Attention Friends and Neighbors!
Making my merry way to breakfast past Fulton Street in Brooklyn this morning, the LORD raised up a mighty crowd in my path. They bore yellow balloons, wide smiles, and full-color fliers at the ready. The occasion? To announce the Grand Inauguration of the Cathedral of Faith tomorrow at 1091 Fulton.
On the flyer is a picture of the church (excuse me, “Church”) itself, including photographs on the back of how it looks when approached from both the east and west. The facade is elegantly faux-columned, with a three-story stained-glass window enshrining a cross.
The good stuff, though, is inside. Testimonials. “My life was one of misery, sickness and poverty,” says Uriel Davis, now pictured happy, wealthy, and wise with his wife and son. “You can learn how to use your faith to solve your problems,” it says. The testimonies speak of events with names like “Campaign of Israel,” “Chain of Prayer,” and “Night of Power” (a pattern?). Felicia Stiles has already had three pay increases. Juliet Okwuosa’s father had his cancer cured. And Mildred Mukamba’s kidneys were healed.
What we appear to be dealing with here is a new outpost of the Universal Church of the Kingdom of God, a Brazil-based Pentacostal organization founded in 1977. It has been operating in New York since ’86. All the stuff you’d expect—tithing, faith healing, tax evasion schemes, evangelization. The works.
Over at Ship of Fools, the intrepid Mystery Worshipper went to a UCKG church in London and found a fantastic interior, well worth checking out. He reports:
I had expected a rip-roaring, Pentecostal, “whip it up”, extreme happy clappy type of worship – but in fact, it was quite the opposite. The service followed a pattern of the leader praying or speaking from the front in a fairly low key fashion, calling for the Holy Spirit to intervene in our lives, and occasionally ordering the congregation to pray, too. People then prayed out loud, some presumably in tongues, but drowned out by the mike. These times of open prayer were interspersed by sermonettes and singing, led from the front. Occasionally the leaders would come down from the stage and patrol the aisles alongside the stewards, presumably to pray with particular congregants.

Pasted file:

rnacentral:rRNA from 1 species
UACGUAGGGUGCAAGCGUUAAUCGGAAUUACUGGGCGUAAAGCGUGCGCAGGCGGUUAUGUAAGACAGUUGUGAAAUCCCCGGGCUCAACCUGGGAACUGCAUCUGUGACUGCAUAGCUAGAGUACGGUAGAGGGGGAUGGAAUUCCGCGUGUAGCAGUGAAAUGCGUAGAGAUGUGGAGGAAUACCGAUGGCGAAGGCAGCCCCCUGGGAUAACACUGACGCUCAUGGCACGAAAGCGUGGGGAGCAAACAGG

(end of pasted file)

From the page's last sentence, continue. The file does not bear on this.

And then the issue of tithing comes up; it seems to be a pervading concern of theirs:
The most disturbing part came after the sermon when next week’s theme was advertised: the consecration of tithers. UCKG is seriously into health and wealth. While I suppose not everyone would object to that, it left me feeling very disturbed. The congregation were told that if their wages were too low (and the assumption seemed to be that many were on low wages or none), and felt that this was unjust, they should appeal to God, not their unions. They then needed to “name” their preferred living wage and tithe accordingly in faith. If they did this, then God would reward them with their preferred wage.
Nathan Schneider is an editor of Killing the Buddha and writes about religion, reason, and violence for a variety of publications. He is also a founding editor of Waging Nonviolence. His first two books, published by University of California Press in 2013, are God in Proof: The Story of a Search from the Ancients to the Internet and Thank You, Anarchy: Notes from the Occupy Apocalypse. Visit his website at The Row Boat.